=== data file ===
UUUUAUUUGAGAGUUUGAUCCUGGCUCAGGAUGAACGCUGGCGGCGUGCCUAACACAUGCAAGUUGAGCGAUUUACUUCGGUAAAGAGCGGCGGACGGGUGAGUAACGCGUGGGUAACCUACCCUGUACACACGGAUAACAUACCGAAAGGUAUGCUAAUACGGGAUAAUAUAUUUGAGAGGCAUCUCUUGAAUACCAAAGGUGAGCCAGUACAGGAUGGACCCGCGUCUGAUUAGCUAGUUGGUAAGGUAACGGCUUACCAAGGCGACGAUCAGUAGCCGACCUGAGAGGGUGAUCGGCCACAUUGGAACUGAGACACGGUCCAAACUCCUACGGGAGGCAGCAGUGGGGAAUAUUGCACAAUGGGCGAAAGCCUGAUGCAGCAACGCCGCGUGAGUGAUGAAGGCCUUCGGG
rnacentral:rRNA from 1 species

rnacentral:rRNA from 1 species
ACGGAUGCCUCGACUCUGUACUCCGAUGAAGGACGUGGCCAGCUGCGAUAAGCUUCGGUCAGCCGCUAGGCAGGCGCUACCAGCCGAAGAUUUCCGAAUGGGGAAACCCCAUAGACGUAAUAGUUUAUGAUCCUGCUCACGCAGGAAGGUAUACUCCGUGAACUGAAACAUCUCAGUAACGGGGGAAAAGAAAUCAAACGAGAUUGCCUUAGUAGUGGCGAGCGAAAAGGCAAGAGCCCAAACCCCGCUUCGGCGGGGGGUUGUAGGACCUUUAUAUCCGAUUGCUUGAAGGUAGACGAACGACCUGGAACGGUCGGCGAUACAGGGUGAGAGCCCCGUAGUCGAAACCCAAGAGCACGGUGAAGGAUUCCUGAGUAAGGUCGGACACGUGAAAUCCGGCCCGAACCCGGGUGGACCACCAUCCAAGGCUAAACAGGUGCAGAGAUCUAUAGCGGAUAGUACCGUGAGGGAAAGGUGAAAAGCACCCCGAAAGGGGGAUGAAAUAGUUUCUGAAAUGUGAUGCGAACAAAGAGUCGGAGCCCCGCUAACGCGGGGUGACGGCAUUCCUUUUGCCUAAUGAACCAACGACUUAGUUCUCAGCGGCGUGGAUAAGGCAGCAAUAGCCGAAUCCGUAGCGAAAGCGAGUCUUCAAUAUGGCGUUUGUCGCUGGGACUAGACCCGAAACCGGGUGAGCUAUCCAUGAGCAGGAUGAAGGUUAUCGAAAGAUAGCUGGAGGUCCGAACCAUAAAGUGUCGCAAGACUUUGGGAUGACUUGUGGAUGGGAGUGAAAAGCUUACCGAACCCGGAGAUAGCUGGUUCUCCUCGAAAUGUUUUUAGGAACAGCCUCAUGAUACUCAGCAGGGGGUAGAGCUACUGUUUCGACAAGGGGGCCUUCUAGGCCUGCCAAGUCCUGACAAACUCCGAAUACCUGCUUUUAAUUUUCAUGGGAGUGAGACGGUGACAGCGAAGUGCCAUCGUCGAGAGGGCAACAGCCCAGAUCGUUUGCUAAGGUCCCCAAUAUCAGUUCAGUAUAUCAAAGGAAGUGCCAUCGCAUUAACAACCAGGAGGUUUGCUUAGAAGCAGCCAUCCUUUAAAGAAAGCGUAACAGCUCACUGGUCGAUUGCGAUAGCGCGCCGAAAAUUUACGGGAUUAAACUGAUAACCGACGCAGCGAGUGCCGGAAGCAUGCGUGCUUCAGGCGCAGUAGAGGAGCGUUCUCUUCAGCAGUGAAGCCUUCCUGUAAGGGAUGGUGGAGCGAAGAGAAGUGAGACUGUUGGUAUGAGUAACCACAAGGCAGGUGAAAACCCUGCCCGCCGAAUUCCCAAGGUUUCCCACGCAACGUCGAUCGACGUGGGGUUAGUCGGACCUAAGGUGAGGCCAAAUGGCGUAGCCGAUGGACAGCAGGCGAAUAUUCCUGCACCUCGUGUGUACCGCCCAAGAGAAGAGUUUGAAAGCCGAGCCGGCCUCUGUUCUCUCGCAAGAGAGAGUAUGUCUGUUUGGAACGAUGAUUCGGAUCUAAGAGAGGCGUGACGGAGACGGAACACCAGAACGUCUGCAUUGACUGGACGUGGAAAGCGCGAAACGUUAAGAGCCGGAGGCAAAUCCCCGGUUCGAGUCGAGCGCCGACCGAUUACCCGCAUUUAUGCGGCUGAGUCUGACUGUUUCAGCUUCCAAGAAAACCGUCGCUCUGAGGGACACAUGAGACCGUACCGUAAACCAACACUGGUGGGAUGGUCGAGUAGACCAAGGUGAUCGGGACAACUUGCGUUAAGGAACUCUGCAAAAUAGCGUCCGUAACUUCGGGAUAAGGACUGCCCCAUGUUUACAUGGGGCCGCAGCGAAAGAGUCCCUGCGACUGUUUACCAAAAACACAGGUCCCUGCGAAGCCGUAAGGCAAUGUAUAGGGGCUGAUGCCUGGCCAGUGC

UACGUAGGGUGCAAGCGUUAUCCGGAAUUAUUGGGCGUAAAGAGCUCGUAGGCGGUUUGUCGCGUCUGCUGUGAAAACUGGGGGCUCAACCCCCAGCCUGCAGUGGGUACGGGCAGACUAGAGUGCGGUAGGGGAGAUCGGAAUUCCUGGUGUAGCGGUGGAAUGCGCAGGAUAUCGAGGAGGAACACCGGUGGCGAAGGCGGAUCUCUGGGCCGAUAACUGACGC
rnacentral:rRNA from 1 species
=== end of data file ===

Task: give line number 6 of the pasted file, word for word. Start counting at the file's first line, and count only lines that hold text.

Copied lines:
rnacentral:rRNA from 1 species